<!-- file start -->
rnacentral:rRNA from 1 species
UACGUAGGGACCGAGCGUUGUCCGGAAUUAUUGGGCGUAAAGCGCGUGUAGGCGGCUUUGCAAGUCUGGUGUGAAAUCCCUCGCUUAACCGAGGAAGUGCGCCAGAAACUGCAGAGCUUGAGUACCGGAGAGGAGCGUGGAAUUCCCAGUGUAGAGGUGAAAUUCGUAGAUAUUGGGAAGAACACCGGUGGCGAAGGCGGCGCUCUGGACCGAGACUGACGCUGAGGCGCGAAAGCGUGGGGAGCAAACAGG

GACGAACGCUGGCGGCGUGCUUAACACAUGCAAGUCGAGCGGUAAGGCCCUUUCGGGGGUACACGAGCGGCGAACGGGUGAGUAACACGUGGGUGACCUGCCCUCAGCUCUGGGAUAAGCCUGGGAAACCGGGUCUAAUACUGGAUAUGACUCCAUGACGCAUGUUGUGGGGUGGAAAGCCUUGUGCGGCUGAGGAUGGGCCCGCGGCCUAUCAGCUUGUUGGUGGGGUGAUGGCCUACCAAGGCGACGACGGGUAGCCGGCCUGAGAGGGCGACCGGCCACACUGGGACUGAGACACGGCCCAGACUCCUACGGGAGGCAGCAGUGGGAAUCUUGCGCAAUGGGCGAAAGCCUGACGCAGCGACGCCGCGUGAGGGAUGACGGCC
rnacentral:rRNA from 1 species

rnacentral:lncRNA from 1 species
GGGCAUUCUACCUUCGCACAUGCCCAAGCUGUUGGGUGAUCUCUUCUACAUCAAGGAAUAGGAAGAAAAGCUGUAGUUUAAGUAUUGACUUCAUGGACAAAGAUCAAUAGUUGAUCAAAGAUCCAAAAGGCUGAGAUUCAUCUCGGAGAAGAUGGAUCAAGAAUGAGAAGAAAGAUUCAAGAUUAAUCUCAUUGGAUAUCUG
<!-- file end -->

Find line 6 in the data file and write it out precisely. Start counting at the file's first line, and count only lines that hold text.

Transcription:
GGGCAUUCUACCUUCGCACAUGCCCAAGCUGUUGGGUGAUCUCUUCUACAUCAAGGAAUAGGAAGAAAAGCUGUAGUUUAAGUAUUGACUUCAUGGACAAAGAUCAAUAGUUGAUCAAAGAUCCAAAAGGCUGAGAUUCAUCUCGGAGAAGAUGGAUCAAGAAUGAGAAGAAAGAUUCAAGAUUAAUCUCAUUGGAUAUCUG